Found the most peaceful spot, on the most beautiful day, to set my Kammok hammock up in Vietnam. I’m hanging beside the Sông Hương, or “Perfume River,” watching the boats pass by and the mountains in the distance. The road is through the trees behind me and I can still hear the honking of the motorbikes, but my ears are pretty accustom to the street noises by now.
Jeff, Raul, Trang, her parents and myself, traveled up to the central part of Vietnam, and this is our third day here in this area. The day we arrived, we drove 4 hours, part of that drive on the Ho Chi Minh Trail which is now called Highway 2, to a town called Quang Binh. It is known for having some of the most beautiful caves in the world; two of which we were able to journey through. That afternoon we took a 30 minute boat ride on Son River to the water cave called Phong Nha- Ke Bang. I was in awe of it’s glorious wonder, and wore my GoPro headgear to capture every moment, although the video probably doesn’t do itself justice. Our tour guide, Son, pointed out many shapes in the stalagmites and stalactites, I felt as if we were children gazing up in the clouds. The next morning we climbed up part of a mountain to explore Paradise Cave. The cave is nearly 31 kilometers long, most of it hasn’t even been discovered yet. We walked through one kilometer of it.
The following day we made our way back down the bumpy highway roads of Vietnam to Huế, where we are staying for two nights. We had a very thorough lesson in the Vietnam history this morning as we toured the old capitol of Vietnam. There were once kings and queens of Vietnam, and the castle we toured was beyond astounding. Such detail they put in every part of the architecture; from the roof to the baseboards. There were mosaics of dragons and phoenix on the walls, the symbols for the king and queen. We also toured the Pagoda, basically looks similar to a Chinese version of the Leaning Tower of Pisa… except not leaning. This is where they would worship to Buddha on each floor of the tower. After that, we visited the MOST elaborate tomb I have ever witnessed, and probably ever will. Lăng Khải Định is the tomb of one of the kings, and after he died at the age of 40, they increased taxes on the people 30% to have enough money to build it, and took 11 years to do so. Seems ridiculous, but I certainly understood why once I saw it.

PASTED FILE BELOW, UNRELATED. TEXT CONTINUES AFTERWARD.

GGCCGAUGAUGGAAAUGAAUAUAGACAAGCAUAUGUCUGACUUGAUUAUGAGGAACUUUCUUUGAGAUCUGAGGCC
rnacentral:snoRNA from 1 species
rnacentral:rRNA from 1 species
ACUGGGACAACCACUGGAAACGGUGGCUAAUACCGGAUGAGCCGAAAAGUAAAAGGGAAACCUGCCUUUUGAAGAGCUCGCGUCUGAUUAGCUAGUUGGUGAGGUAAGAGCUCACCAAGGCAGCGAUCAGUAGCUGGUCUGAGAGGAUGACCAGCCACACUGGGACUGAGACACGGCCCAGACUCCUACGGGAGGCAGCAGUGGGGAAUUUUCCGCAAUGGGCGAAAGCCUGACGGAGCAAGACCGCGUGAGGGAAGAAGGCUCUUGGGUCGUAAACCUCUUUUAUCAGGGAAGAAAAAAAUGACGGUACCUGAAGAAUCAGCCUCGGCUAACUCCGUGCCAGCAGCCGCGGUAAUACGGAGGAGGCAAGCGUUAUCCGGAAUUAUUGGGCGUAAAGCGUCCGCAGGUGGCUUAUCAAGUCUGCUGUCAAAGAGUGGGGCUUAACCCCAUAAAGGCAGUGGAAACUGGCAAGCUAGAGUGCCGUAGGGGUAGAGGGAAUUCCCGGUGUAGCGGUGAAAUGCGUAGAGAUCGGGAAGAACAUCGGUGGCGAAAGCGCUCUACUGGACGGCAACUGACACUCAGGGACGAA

The coolest experience of this trip so far would have to be the traditional Vietnamese wedding of my brother and Trang. Two days before we traveled to central Vietnam, they had the ceremony in her hometown. The celebration was complete with confetti cannons, a dancing introduction to welcome us on stage, champagne fountain, unlimited food and beer, and so much more.
Talk about culture shock. 550 guests, everyone speaking Vietnamese, I had no idea what was going on really. I just heard my name and walked down the aisle in my beautiful Ao Dai, grinning from ear to ear because it was so surreal. Most of the adults spoke no English, but were kind enough to come and meet me. If they had children, they used them to talk to me, since they learn English in school.
After the ceremony, Raul and I sat at a table with Trang’s friends that speak English, while Jeff and Trang changed out of their traditional gowns and into the traditional American wedding attire. They then paraded around each table with the photographer and videographer, greeting each of the guests that came, taking pictures with them, and the men offering Jeff their beers. I didn’t realize how popular drinking is in the Vietnamese culture. Not so much for the women, but the men are usually pressured by their elders to drink, and can’t say no if they offer them a beer. Jeff and Trang changed their outfits a third time to say goodbye to guests as they were leaving. They literally posed for pictures the entire time, and didn’t eat until after the two hour event ended.
I really love being a part of this culture, it’s so welcoming and joyful. Happy New Year!